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Colorado joins Western States COVID pact with California, Oregon, Washington, Nevada

Each of the states will continue its own response to the virus, but will share best practices as they relate to different issues.

COLORADO, USA — Colorado and Nevada are joining three West Coast states in developing an ongoing response strategy to the health and economic crises generated by the coronavirus.

In a statement, Gov. Jared Polis said Colorado and Nevada are joining California, Oregon, and Washington state in the pact, which now covers 60.9 million Americans and more than 18% of the country’s population.

“There’s no silver bullet that will solve this pandemic until there is a cure so we must have a multifaceted and bold approach in order to slow the spread of the virus, to keep our people safe and help our economy rebound,” Polis said.

This story is powered by COLab, the Colorado News Collaborative. 9NEWS joined this historic collaboration with more than 40 other newsrooms across Colorado to better serve the public.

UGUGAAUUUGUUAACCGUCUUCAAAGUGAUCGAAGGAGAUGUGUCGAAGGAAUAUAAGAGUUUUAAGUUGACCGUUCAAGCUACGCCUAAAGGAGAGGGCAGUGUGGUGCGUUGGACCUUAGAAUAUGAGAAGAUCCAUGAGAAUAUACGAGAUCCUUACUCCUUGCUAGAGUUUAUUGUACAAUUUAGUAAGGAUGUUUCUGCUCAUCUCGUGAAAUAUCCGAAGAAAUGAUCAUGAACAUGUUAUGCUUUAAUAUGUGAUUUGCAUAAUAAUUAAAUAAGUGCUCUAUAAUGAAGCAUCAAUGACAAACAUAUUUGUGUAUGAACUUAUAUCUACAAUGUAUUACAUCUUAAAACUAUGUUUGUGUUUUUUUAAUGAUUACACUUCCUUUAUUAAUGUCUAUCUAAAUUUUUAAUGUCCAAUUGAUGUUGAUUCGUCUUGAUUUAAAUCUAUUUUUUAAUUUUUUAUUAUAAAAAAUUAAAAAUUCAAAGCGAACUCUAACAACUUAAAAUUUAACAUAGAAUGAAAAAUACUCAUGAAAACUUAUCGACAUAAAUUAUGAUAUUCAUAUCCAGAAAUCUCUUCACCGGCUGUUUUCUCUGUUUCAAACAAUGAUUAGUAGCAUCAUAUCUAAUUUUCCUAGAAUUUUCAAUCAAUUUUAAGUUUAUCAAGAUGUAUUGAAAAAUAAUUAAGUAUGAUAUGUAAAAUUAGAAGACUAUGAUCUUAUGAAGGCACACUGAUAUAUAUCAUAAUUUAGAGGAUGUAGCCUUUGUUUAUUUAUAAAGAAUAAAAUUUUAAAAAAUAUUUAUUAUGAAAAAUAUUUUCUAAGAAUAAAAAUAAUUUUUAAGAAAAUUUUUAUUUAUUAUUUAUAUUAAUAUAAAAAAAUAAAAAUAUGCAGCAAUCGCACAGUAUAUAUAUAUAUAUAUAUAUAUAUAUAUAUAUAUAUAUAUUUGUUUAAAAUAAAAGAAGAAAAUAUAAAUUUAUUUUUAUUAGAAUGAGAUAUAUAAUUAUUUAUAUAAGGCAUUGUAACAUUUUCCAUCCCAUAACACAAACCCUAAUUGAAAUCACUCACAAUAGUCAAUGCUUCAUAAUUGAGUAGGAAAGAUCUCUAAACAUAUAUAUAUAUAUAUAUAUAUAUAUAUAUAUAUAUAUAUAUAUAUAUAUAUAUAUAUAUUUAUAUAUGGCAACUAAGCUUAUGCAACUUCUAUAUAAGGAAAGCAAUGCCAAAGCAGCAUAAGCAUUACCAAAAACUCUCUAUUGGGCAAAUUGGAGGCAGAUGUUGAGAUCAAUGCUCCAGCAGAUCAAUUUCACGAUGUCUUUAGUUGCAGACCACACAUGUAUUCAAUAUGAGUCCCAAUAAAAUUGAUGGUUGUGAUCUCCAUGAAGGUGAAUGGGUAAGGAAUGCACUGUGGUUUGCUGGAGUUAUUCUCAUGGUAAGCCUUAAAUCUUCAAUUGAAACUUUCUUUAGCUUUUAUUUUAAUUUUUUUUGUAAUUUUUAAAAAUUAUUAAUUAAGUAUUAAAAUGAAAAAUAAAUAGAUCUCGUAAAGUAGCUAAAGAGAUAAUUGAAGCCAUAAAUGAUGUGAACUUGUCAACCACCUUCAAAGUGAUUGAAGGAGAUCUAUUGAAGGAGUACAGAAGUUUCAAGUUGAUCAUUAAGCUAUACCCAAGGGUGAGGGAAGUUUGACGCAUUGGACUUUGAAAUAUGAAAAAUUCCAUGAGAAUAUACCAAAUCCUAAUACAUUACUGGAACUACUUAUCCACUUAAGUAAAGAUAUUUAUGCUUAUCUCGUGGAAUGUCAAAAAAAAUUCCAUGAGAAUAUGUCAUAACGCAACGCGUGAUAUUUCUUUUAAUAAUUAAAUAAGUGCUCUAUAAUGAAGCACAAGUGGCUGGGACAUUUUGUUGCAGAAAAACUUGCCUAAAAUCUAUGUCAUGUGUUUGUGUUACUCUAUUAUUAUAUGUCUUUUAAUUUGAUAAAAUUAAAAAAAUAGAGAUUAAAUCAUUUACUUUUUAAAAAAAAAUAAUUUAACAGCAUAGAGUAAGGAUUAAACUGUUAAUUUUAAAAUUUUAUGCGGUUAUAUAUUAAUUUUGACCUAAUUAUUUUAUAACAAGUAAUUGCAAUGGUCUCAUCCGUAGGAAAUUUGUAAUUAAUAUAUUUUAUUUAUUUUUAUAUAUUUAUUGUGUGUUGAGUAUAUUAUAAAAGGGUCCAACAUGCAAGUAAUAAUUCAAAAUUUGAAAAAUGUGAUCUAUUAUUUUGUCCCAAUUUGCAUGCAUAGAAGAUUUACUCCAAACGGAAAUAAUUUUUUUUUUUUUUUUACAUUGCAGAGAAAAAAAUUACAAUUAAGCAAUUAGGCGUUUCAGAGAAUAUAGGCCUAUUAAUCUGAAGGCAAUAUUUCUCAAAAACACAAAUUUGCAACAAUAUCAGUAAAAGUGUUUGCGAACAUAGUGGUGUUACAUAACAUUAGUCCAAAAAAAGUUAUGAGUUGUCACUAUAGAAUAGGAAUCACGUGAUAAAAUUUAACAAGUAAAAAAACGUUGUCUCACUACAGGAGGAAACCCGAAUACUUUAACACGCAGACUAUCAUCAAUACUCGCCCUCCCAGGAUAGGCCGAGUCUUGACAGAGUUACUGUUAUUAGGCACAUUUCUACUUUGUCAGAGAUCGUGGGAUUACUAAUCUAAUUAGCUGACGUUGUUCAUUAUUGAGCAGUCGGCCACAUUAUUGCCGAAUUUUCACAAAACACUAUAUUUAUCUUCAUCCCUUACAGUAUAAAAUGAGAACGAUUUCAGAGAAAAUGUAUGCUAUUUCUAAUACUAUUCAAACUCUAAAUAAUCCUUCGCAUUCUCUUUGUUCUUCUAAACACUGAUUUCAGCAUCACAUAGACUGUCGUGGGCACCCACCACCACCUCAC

RELATED: Op-Ed: Local News Collaboration in the Time of COVID

New York, New Jersey, Connecticut, Pennsylvania, Delaware and Rhode Island have separately signaled plans to loosen social-distancing requirements in tandem.

Each of the states will continue its own response to the virus, but will share best practices on protecting vulnerable populations, building medical capacity and tracking the spread of the disease.

It’s unclear if Colorado will be involved in discussions with the other states on when to allow non-essential businesses to reopen. In their original joint announcement, the West Coast states alluded toward reopening together so residents from a restricted state don’t go across state lines to shop, eat or drink in a state that lifted stay-home orders and potentially spread coronavirus further.

RELATED: COVID Diaries Colorado: A Day in the Pandemic

In a previous press conference, Polis said he is in contact with the governors of Wyoming, Kansas, Utah, New Mexico and Nebraska about sharing ventilators and tracking the spread of coronavirus across state lines, particularly in border communities where people may commute back and forth. He did not mention if those conversations would lead to a formal pact.

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